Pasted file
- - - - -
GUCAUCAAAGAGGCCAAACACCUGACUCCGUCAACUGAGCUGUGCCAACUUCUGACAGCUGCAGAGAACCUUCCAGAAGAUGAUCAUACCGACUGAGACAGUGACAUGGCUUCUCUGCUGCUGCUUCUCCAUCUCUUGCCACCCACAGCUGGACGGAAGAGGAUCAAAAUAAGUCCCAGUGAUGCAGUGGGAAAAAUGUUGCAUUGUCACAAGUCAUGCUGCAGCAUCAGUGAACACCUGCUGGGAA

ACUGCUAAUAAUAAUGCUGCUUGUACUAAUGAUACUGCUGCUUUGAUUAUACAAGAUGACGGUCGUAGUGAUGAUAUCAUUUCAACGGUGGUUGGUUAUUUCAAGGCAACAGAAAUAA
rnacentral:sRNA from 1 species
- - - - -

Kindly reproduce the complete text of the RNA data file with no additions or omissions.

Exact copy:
GUCAUCAAAGAGGCCAAACACCUGACUCCGUCAACUGAGCUGUGCCAACUUCUGACAGCUGCAGAGAACCUUCCAGAAGAUGAUCAUACCGACUGAGACAGUGACAUGGCUUCUCUGCUGCUGCUUCUCCAUCUCUUGCCACCCACAGCUGGACGGAAGAGGAUCAAAAUAAGUCCCAGUGAUGCAGUGGGAAAAAUGUUGCAUUGUCACAAGUCAUGCUGCAGCAUCAGUGAACACCUGCUGGGAA

ACUGCUAAUAAUAAUGCUGCUUGUACUAAUGAUACUGCUGCUUUGAUUAUACAAGAUGACGGUCGUAGUGAUGAUAUCAUUUCAACGGUGGUUGGUUAUUUCAAGGCAACAGAAAUAA
rnacentral:sRNA from 1 species